Sex-specific neurogenic deficits and neurocognitive disorders in middle-aged HIV-1 Tg26 transgenic mice.

Authors:
Raj Putatunda
Raj Putatunda
Center for Neurovirology and The Comprehensive NeuroAIDS Center
Yonggang Zhang
Yonggang Zhang
Sichuan University
China
Fang Li
Fang Li
Peking Union Medical College Hospital
China
Philip Regis Fagan
Philip Regis Fagan
Center for Neurovirology and The Comprehensive NeuroAIDS Center
Huaqing Zhao
Huaqing Zhao
The Children's Hospital of Philadelphia
United States
Servio H Ramirez
Servio H Ramirez
Temple University School of Medicine
United States
Mary F Barbe
Mary F Barbe
Temple University
United States

Brain Behav Immun 2019 Apr 16. Epub 2019 Apr 16.

Center for Metabolic Disease Research, Temple University Lewis Katz School of Medicine, 3500 N Broad Street, Philadelphia, PA 19140, United States; Department of Pathology and Laboratory Medicine, Temple University Lewis Katz School of Medicine, 3500 N Broad Street, Philadelphia, PA 19140, United States. Electronic address:

Varying degrees of cognitive deficits affect over half of all HIV-1 infected patients. Because of antiretroviral treatment (ART) regimens, the HIV-1 patient population is increasing in age. Very few epidemiological studies have focused on sex-specific differences in HIV-1-associated neurocognitive disorders (HAND). The purpose of this study is to examine any possible differences between male and female mice in the progression of cognitive dementia during persistent low-level HIV-1 protein exposure, mimicking the typical clinical setting in the post-ART era. Eight to ten-month old HIV-1 Tg26(+/-) transgenic mice were utilized to assess for specific learning and memory modalities. Initial physiological screening and fear conditioning assessments revealed that Tg26 mice exhibited no significant differences in general behavioral function, contextual fear conditioning, or cued fear conditioning responses when compared to their wild-type (WT) littermates, regardless of sex. However, Barnes maze testing revealed significantly impaired short and long-term spatial memory in males, while females had impaired spatial learning abilities and short-term spatial memory. The potential cellular mechanism underlying these sex-specific neurocognitive deficits was explored with hippocampal neurogenic analysis. Compared to WT mice, both male and female Tg26(+/-) mice had fewer quiescent neural stem cells and neuroblasts in their hippocampi. Male Tg26(+/-) mice had a more robust reduction of the quiescent neural stem cell pool than female Tg26(+/-) mice. While female WT mice had a higher number of neural progenitor cells than male WT mice, only female Tg26(+/-) mice exhibited a robust reduction in the number of neural progenitor cells. Altogether, these results suggest that middle-aged male and female Tg26(+/-) mice manifest differing impairments in cognitive functioning and hippocampal neurogenesis. This study emphasizes the importance of understanding sex related differences in HAND pathology, which would aid in designing more optimized therapeutic regimens for the treatment of HAND.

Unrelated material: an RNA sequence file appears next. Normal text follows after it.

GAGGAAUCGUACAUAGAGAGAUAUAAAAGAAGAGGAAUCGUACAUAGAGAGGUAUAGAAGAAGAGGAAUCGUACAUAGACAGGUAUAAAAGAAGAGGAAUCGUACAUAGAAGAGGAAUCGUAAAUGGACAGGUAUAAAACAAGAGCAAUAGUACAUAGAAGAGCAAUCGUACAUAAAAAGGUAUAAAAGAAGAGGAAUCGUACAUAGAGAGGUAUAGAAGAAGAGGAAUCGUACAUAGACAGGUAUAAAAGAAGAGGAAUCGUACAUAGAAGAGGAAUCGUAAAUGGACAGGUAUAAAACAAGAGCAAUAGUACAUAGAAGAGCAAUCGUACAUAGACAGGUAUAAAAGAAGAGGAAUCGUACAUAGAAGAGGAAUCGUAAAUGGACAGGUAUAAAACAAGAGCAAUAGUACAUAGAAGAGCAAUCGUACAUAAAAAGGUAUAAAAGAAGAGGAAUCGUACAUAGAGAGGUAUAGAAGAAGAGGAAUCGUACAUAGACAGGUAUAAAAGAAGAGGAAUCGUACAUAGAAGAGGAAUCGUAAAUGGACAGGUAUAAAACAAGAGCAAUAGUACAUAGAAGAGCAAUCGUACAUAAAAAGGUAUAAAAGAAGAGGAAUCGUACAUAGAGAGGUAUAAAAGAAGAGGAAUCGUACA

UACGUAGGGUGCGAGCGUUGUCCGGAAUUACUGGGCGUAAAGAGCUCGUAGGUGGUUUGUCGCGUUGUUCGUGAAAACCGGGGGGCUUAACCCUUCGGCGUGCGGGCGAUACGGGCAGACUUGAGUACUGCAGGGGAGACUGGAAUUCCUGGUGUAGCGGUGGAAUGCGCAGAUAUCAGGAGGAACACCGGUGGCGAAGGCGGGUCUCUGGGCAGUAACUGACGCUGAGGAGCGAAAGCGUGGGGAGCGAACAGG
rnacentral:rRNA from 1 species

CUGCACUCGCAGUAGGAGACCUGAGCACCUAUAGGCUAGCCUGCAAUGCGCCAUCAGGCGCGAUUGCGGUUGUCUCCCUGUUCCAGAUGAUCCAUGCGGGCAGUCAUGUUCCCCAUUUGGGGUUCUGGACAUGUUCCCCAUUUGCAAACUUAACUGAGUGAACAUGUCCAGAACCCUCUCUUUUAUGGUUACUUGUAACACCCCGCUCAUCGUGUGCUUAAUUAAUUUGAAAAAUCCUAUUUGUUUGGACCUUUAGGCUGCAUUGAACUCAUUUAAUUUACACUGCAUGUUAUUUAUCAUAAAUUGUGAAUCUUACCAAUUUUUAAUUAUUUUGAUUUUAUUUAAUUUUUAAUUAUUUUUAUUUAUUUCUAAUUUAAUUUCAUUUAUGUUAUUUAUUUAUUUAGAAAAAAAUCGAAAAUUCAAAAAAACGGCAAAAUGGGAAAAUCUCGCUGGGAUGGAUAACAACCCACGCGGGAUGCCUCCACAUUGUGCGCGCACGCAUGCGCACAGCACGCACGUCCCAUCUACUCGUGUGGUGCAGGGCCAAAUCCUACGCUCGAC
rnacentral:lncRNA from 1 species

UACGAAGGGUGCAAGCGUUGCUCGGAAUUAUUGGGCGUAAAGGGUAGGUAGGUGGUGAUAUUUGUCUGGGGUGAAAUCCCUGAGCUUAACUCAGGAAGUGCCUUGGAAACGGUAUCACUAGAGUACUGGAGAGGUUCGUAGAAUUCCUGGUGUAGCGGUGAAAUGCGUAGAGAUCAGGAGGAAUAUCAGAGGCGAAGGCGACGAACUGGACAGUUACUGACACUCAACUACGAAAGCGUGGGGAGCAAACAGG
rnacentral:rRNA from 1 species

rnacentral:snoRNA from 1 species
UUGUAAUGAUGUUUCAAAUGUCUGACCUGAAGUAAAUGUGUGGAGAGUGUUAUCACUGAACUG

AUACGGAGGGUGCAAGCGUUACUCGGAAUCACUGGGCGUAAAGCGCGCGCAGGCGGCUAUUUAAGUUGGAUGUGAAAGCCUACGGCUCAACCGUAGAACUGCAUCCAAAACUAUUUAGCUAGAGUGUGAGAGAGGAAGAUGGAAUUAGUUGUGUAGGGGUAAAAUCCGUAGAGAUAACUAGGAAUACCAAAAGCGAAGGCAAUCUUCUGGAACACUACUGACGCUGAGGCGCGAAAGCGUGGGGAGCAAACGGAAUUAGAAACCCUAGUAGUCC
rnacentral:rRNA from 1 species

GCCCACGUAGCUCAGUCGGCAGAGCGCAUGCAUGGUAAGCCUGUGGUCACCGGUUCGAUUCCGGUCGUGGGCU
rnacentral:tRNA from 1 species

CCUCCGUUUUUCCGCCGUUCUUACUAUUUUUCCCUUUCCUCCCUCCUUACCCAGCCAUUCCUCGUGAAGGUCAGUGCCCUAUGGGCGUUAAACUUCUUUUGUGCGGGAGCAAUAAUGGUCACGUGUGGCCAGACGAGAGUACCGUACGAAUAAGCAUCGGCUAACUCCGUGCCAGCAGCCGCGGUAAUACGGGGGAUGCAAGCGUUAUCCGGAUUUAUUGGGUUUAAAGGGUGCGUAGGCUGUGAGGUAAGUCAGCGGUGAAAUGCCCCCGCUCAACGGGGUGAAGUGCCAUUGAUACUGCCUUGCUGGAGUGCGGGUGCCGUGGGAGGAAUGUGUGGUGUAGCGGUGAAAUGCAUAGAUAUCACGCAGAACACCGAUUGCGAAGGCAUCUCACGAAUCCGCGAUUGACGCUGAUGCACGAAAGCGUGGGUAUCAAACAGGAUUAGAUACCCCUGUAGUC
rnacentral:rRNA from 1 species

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Source
https://linkinghub.elsevier.com/retrieve/pii/S08891591183060
Publisher Site
http://dx.doi.org/10.1016/j.bbi.2019.04.029DOI Listing
April 2019
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